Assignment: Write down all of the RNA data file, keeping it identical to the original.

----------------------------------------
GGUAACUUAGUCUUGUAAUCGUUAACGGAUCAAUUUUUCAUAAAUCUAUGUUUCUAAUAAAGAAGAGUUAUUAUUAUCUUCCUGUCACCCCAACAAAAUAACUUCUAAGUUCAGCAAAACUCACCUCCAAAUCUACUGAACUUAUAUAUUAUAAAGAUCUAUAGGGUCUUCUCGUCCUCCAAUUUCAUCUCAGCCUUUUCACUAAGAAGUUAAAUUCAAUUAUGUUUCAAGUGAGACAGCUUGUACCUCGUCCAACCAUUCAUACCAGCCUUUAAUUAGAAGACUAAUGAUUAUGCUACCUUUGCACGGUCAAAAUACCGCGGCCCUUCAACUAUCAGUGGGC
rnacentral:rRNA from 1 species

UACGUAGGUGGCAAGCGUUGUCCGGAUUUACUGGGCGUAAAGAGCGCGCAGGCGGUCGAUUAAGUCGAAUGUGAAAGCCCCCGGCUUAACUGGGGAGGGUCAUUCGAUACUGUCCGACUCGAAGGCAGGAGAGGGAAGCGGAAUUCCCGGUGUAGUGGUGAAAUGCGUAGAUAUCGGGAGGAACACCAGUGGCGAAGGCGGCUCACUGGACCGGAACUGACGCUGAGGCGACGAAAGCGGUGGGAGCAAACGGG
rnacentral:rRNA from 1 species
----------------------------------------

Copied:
GGUAACUUAGUCUUGUAAUCGUUAACGGAUCAAUUUUUCAUAAAUCUAUGUUUCUAAUAAAGAAGAGUUAUUAUUAUCUUCCUGUCACCCCAACAAAAUAACUUCUAAGUUCAGCAAAACUCACCUCCAAAUCUACUGAACUUAUAUAUUAUAAAGAUCUAUAGGGUCUUCUCGUCCUCCAAUUUCAUCUCAGCCUUUUCACUAAGAAGUUAAAUUCAAUUAUGUUUCAAGUGAGACAGCUUGUACCUCGUCCAACCAUUCAUACCAGCCUUUAAUUAGAAGACUAAUGAUUAUGCUACCUUUGCACGGUCAAAAUACCGCGGCCCUUCAACUAUCAGUGGGC
rnacentral:rRNA from 1 species

UACGUAGGUGGCAAGCGUUGUCCGGAUUUACUGGGCGUAAAGAGCGCGCAGGCGGUCGAUUAAGUCGAAUGUGAAAGCCCCCGGCUUAACUGGGGAGGGUCAUUCGAUACUGUCCGACUCGAAGGCAGGAGAGGGAAGCGGAAUUCCCGGUGUAGUGGUGAAAUGCGUAGAUAUCGGGAGGAACACCAGUGGCGAAGGCGGCUCACUGGACCGGAACUGACGCUGAGGCGACGAAAGCGGUGGGAGCAAACGGG
rnacentral:rRNA from 1 species